Sober people are grateful people. You really can’t miss this. When a person gets sober, every part of his or her life changes, and always for the better.
One of the first things to happen to anyone who gets sober is that he or she begins to earn back the respect and trust of the people who are important to them.
They quickly lose what is almost always an angry “edginess” about them, and they get humbled.
Getting humbled is important, because as I noted, for those people who struggle with their drinking but ultimately do quit, the decision never comes too soon. Indeed, for most, it comes after having had their a$$ kicked any number of times by the consequences of their drinking.
The wreckage left in the wake of a troubled relationship to alcohol can include divorce, DUI’s, lost jobs, broken relationships, and financial troubles, just to name a few.
Remember, nobody quits drinking because it’s working out so well.
On the upside, everyone who does get sober reports feeling better mentally, physically, and even spiritually.
Their relationships improve, and they do notably better in their employment endeavors, as well.
In other words, the benefits of sobriety go way beyond just not getting in trouble anymore; people’s lives actually improve in numerous and measurable ways. Among the people we take on as driver’s license appeal clients are many who smile as they tell us how their lives have gotten better since they embraced sobriety and adopted a sober lifestyle.
Having ditched the party-friends (often called “drinking buddies”), most find themselves with a smaller social circle made up of people with whom they have a lot more in common than just drinking.
When they get sober, some people start new hobbies, or get back into things they left behind.
Others start to exercise, while plenty enough simply re-engage in life, enjoying the small things, and the lack of problems that drinking often brought along.
In our office, we can usually pick up on the cues that a person is genuinely sober right out of the gate. License appeals are complicated, and they test everyone’s patience to some extent.
That said, it’s a pretty clear signal that someone isn’t sober when, as they begin to understand what’s involved in the process, they say something like “this is bull$hit!”
Nope; not sober.
This difference is what is meant by noting that all sober people are abstinent, but not all abstinent people are sober. Plenty of people go for various lengths of time without drinking (like while on probation), but are otherwise not committed to a life without alcohol.
And that is really a defining hallmark of sobriety: the commitment to never drink again. If a person has really had enough of the BS caused by their drinking and decided to quit for good, then he or she will inevitably make sweeping life changes, and his or her attitude, disposition, and outlook on life all change for the better.
Whatever the reader’s background, I’m sure you’ve had the unpleasant experience of being stone-cold sober (here, we’re using “sober” to simply mean “not drunk” at a given point in time) and running into a drunk person, or group of drunk people. It’s horrible to get stuck having to listen to them babble while trying to make sense out of what they’re saying.
Drunk people don’t really notice that other drunks are obnoxious. However, when a person quits drinking, the last thing he or she wants to do is go to some function and be part of the conversation as it devolves into that while the drinks are going down.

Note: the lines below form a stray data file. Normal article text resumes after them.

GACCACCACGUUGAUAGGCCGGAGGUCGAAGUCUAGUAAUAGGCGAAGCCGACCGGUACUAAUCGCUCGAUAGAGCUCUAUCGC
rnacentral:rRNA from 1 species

Indeed, when people get sober, they back out of activities that revolve around drinking, not so much because they’re afraid of being tempted to drink, but rather because it sucks to be around a bunch of idiotic drunks, unless you’re too drunk yourself to notice.
When you combine the experiences of simply having had enough, realizing that drinking is a problem, making a firm decision to quit and to get sober, and then to do much better by living a sober lifestyle – that’s sobriety, and it’s a hell of a lot different than just “not drinking” for some unspecified period of time.
Merely not drinking is just abstinence.
Sobriety is born when a person has grown tired of the mess drinking has make in his or her life – even if it’s not an everyday thing, and only causes problems occasionally – and realizes that it can’t be controlled or otherwise managed. Along with that, somewhere in their heart of hearts, a person will just “know” that it’s time to quit, because drinking isn’t fun anymore, hasn’t been for a long time, and that it’s just over.
When that happens, and a person sticks with it, things get better, and they keep getting better.
The AA people have another saying, and it applies to anyone who is sober, whether they go to AA or not: “My worst day sober is better than my best day drunk.”
However one characterizes it, the truth is that sobriety is the gift that keeps on giving.
If you are looking for a lawyer to win back your Michigan driver’s license, or to otherwise clear a Michigan hold on your driving record, be a good consumer and look around. Read how lawyers explain the license appeal process, and how they explain their various approaches to it.
Even if you haven’t yet quit drinking, but might want a little help to tilt the scales in favor of quitting so that you can consider a license appeal at some point down the road, give us a call. If we can help give you a reason to “put the plug in the jug” and get sober, we’d be honored.
All of our consultations are free, confidential, and done over phone, right when you call. My team and I are very friendly people who will be glad to answer your questions, explain things, and even compare notes with anything some other lawyer has told you .
We can be reached Monday through Friday, from 8:30 a.m. until 5:00 p.m. (EST), at either 248-986-9700, or 586-465-1980.